> I've never had a pear tree before and never made a pear wine, so any
> info. would really help!
Lucky you. I have made Bartlett pear wine twice. Some random
thoughts... First, wait until the fruit is really ripe - perhaps just
short of overripe - to maximize sweetness and juiciness. Do not puree
the fruit, or you will have a heck of a time getting the juice to
separate. Instead, pull the stems, cut them in quarters, and remove
the seeds. Freeze the cut pears in airtight bags for a few days. Thaw
them while leaving in the bags, then put the fruit (which will be
juicy and turning soft) into nylon strainer bags or even pantyhose in
a pinch, and toss them into your primary. Add your Campden tablets at
that time, as pear juice can oxidize fairly easily. Put some pectic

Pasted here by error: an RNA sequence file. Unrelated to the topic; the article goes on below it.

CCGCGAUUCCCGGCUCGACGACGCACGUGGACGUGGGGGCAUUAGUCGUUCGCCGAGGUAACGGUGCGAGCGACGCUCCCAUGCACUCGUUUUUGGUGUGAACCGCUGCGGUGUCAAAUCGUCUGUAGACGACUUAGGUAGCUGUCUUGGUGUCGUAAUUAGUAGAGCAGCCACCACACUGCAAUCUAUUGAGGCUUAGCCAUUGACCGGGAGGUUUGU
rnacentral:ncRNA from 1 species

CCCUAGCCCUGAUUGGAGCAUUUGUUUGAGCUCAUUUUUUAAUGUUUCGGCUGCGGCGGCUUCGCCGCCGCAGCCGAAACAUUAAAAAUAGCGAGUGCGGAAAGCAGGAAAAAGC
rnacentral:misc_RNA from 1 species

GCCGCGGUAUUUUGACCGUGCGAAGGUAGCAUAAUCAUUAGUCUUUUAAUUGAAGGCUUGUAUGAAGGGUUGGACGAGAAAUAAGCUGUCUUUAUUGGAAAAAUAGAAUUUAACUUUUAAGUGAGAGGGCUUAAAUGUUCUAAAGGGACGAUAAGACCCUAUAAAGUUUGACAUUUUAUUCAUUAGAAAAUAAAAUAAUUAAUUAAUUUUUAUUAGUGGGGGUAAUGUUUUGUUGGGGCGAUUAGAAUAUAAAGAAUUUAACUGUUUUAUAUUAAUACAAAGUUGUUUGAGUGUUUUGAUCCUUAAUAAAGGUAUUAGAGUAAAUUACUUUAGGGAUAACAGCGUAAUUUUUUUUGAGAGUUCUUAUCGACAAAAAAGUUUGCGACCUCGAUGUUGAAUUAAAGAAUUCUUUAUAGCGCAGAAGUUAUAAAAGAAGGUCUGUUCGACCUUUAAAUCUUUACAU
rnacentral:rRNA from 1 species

enzyme in there too.
You can utilize cool water in the primary, rather than hot. Squeeze
the pulp to get the juice out. It will continue to seep out over the
next couple of days, which is when I would pull the bag (after
allowing it to drip freely to get all the juice). I wouldn't bother
with tannin, as pear skin has some. But I'm of the "retain the fruit's
personality" school - I don't try to make other fruits into grapes.
You will have to add acid to a TA of about .65%. This will allow an
off-dry to slightly sweet finish. Add more acid for a sweet wine,
possibly a tad less for totally dry.
I had no trouble getting my pear wines to clear, although they do
produce some fluffy lees. I finished the first one slightly sweet, and
it was great. The next was done dry. It is good, but I prefer just
off-dry as it brings out the fruit a bit better. Bottle it in
yellow-green Burgundy bottles (like Chard).
Quinta do Placer